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and without embellishment dare make such proposal? You point to yourself. But you have never explained yourself to Hester, and even to me you are embellishing the matter with all the might in your persuasive pen.

The ardours of calfdom and whelpage that you smile at I would have you throb with. You underrate the firstlings of the heart, the rose and white blossoming, the call upon the senses and the readiness to respond and to fulfil, to give and to take, to be and make happy—the great pride and utter abandon which is young love. At fifteen, fortunately for the development of mind and character, hope is placed where hope must pine. Love, then, is doomed to be tragic. The youth "attains to be denied." But he sounds his depth. Thereafter, he knows what to expect of himself. He has a precedent. After this he will count it a sin to forget, and to accept the solace of mediocrity. In this lies the value of the tragedy.

I sometimes think that whatever is youngest is best, it is the young that, timid and bold, pay greatest reverence to knowledge, receiving without chill of prejudice and shameful cowardice

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of quibbling the brave new thought. Wisdom may be of age, but passion for scholarships, trail-breaking, and hardy prospecting in the treasure mines of research, is of young pioneerhood alone. It is a youth who dares be radical, who dares, in splendid largess, build mistake upon mistake, bleeding his life out in service. And it is a youth, standing tiptoe upon the earth, now waiting in unperturbed ease, now searching with unbridled zeal, who is lover and mystic. "The best is yet to be," says Rabbi Ben Ezra, "the last of life, for which the first is made." Yes, the last of life will be good, but only if it is like youth, beating with its pulse and instinct with its spirit.

The unhappy youth is left on the battle-field but not to die. The sword-thrusts challenge him to put forth greater strength in fiercer wars. He learns hard and well.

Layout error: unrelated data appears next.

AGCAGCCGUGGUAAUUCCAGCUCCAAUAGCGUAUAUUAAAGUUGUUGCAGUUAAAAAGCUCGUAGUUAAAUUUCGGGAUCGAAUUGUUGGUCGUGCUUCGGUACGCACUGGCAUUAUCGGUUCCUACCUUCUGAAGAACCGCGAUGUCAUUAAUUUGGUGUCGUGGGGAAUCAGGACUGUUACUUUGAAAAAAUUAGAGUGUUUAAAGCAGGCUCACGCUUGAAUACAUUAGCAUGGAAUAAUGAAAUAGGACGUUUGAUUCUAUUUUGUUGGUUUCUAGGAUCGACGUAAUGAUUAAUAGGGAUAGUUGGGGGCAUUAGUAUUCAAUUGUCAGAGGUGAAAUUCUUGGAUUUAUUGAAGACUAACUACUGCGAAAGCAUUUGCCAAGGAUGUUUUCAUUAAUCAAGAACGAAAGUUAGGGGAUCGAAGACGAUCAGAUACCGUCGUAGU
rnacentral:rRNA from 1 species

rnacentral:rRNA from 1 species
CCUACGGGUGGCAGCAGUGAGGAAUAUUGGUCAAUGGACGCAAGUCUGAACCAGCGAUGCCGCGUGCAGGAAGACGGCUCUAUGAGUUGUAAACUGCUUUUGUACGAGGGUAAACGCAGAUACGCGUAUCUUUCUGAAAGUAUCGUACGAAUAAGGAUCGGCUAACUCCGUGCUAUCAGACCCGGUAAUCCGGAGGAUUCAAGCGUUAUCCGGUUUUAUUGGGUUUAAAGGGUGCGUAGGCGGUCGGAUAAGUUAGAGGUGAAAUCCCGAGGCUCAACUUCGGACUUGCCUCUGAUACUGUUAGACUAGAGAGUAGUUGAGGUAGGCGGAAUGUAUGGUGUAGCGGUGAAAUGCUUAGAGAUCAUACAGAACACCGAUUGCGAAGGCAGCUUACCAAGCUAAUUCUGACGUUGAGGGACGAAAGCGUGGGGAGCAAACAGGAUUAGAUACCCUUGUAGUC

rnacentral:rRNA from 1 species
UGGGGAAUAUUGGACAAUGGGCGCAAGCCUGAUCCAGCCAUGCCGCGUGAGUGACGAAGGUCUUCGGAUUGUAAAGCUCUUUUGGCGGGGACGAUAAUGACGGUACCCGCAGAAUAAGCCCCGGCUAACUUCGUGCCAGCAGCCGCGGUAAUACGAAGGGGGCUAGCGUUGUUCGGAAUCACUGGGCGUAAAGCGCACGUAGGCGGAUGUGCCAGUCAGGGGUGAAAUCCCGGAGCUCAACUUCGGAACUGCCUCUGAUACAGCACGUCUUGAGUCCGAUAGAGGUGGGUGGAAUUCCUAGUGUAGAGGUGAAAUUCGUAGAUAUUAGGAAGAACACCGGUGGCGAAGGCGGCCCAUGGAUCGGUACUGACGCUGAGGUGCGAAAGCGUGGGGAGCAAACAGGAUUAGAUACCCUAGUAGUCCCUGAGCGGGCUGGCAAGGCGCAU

Indeed, I cannot leave this subject of first love. How do you know it was not good for you to love as you did? It is strange you should resolve to love no more because at one time you loved deeply enough almost to remain in love. It cannot be that you have grown old and that

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nature is resolving for you. You tell me of your experiences in order that I may be convinced that you know whereof you speak and I listen in wonder. Your conclusions are unwonted.

Then something was amiss, for you have out grown and forgotten, but how is it with you in the present when your indifference waits not upon time? You approach your future wife clothed in indifference as in mail, and you do violence. How can I show you? I speak as I would to a child to whom it is necessary to explain that it is bad to abandon an education. Life is a school, and to me it seems that you are about to resign long before diploma and degree, so I interpose. I was taught by first love, and I honour that time beyond any other. I was Ellen's. I have been lonely. For the mere human need, for the sake of that which to the lonely is very dear, I have thought of marriage, but I remembered and I refused to do violence to myself remembering. Long ago my standard was established. I learned how deeply I could feel, and I refuse to acknowledge myself bankrupt, I refuse to approach an honourable human being with less than my all. Until my soul flower out again, until suns flame

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about my head as in that dear yoretime, I shall keep teeming with dreams and make no affront. I who have seen love, dare not live without love.

I would not give in to fate, Herbert. I would assert my manhood. I would abide in the strength of the first output, going with the flush of the first glow into the gloom. I would spurn the calm of compromise and mediocrity and register a high claim. I would keep the peace with Romance and fly her colours to the last.

You have lived? It is well, and it might have been better, but do not give over and talk of stirpiculture. You are not wiser than the laws which made you.

DANE.